As the development of higher education teaching progresses, methods increasingly emphasize the active participation of students. Moreover, due to the unique qualities of medical education, medical educators have been striving for active-learning abilities, critical thinking skills, good humanistic care, and practical capabilities  . Traditional lecture-based classroom (LBC) models cannot meet the needs of modern medical education , and thus, a variety of teaching mode reforms have emerged one after another, such as Problem-Based Learning , Case-Based Learning , Team-Based Learning , FC , and others. Flipped classroom is a special hybrid teaching [7, 8]. Lage et al. first described the Inverted Classroom Method suitable for Higher Education , then Bergman and Sams described FC and used it in school education . This model overturns the traditional order of adding homework elements after classroom teaching [11, 12]. In flipped classroom, students take the initiative to learn before class and solve problems in the process of classroom discussion and cooperation  .Different from the traditional passive teaching, flipped classroom is student-centered participatory learning [14,15,16].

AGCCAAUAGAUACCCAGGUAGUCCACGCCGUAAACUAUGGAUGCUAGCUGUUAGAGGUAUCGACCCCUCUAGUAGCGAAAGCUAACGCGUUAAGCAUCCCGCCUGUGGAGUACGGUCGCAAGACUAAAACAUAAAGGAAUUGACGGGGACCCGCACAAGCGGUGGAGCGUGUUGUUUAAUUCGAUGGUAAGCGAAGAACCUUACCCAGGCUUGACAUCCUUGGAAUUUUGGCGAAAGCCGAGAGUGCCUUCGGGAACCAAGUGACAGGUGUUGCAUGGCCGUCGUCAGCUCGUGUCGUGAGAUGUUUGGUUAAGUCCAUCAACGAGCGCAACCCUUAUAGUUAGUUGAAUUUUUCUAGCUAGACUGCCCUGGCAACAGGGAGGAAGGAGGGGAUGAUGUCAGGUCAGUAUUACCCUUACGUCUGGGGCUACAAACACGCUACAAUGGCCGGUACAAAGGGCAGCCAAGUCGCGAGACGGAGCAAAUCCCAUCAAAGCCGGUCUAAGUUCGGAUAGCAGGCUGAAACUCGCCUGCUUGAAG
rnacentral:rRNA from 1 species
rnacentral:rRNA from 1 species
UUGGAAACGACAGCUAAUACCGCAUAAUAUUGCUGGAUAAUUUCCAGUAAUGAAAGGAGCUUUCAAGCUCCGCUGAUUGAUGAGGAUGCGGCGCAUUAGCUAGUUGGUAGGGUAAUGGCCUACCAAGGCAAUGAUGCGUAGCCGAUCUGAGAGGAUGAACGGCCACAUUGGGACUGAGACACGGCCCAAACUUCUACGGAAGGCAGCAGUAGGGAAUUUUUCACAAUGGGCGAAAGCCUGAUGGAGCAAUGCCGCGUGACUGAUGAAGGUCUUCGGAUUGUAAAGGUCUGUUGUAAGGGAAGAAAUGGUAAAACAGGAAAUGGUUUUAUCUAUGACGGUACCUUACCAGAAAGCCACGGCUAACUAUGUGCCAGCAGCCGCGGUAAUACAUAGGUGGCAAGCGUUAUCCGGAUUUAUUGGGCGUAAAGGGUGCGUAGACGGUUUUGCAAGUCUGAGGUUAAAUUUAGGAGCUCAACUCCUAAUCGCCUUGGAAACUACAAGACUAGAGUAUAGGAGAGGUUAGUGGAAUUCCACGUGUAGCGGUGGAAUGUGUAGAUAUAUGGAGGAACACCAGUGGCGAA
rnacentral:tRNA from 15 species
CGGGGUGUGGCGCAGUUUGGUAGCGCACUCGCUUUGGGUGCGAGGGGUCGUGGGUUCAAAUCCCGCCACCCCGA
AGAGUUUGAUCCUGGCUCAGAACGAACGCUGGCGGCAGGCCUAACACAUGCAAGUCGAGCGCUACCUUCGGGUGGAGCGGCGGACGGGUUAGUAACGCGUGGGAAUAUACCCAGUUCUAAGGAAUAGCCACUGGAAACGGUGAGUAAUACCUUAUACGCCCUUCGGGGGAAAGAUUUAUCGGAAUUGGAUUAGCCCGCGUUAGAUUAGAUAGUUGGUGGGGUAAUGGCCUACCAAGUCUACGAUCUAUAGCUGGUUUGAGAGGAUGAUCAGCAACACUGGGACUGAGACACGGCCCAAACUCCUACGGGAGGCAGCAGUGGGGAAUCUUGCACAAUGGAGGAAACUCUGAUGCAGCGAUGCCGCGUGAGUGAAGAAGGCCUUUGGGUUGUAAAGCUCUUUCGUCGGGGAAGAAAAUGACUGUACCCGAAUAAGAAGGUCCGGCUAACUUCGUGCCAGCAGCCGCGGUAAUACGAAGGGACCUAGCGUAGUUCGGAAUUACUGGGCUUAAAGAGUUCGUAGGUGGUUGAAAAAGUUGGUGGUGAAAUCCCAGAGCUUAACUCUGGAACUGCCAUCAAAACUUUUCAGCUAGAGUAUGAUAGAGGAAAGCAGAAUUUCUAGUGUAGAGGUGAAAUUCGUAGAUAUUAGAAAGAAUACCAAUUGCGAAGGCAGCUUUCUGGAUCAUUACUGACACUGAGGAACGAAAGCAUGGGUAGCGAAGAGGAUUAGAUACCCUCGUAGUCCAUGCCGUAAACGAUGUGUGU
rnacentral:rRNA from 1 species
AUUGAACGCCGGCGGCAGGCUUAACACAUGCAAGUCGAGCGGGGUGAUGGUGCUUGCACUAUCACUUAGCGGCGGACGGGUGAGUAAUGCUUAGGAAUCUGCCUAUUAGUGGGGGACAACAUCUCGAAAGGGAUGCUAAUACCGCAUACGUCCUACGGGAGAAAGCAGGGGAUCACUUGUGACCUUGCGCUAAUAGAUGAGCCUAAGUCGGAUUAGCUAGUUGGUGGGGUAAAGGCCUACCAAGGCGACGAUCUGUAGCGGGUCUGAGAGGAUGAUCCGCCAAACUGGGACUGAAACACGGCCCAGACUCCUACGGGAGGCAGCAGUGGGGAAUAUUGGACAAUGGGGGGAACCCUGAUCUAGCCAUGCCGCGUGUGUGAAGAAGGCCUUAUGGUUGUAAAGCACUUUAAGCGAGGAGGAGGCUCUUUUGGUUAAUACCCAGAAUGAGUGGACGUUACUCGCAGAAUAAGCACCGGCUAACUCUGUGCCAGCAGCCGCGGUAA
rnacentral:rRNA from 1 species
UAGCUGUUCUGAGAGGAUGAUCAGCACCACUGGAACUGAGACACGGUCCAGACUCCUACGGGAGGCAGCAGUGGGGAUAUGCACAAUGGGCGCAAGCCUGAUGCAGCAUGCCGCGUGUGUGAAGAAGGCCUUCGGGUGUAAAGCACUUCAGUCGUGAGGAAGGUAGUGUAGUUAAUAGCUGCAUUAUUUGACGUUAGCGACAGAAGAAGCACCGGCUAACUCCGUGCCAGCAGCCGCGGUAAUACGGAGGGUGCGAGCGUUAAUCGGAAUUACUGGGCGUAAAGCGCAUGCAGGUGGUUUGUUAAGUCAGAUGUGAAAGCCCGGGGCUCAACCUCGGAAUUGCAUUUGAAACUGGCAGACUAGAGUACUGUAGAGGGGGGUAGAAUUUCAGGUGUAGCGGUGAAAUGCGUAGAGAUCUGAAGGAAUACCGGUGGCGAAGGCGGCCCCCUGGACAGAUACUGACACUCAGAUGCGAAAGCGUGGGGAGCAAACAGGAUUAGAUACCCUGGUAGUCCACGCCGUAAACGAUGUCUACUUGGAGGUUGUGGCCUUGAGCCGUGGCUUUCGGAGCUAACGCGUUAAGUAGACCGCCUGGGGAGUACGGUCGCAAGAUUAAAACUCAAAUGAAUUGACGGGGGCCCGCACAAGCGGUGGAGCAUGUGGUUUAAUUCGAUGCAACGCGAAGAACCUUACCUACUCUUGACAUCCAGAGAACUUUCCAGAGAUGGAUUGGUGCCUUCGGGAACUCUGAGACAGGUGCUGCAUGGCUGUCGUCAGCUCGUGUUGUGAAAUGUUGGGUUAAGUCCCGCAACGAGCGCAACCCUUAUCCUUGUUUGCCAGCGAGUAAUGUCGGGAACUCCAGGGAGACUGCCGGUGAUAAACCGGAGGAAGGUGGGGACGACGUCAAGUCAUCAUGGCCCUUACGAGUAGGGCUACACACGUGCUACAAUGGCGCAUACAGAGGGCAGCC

Students complete self-study in their free time. In class, teachers are responsible for guiding students in their communication and answering student questions face-to-face to stimulate student interest in independent learning, promote student participation, and cultivate the students’ innovative thinking and scientific research ability . Since the FC has a great advantage for developing students’ active-learning ability, it is becoming more and more popular among educators and is widely applied in the teaching of medical and nursing courses [18,19,20,21,22,23,24,25,26,27,28]. However, there is no unified method for designing the specific contents of an FC class. In addition, some students in an FC class complained that they spend much more time before class [12, 29,30,31,32], have poor absorption and understanding in class, and what they learn is different from what appears in actual clinical cases [9, 21, 33, 34].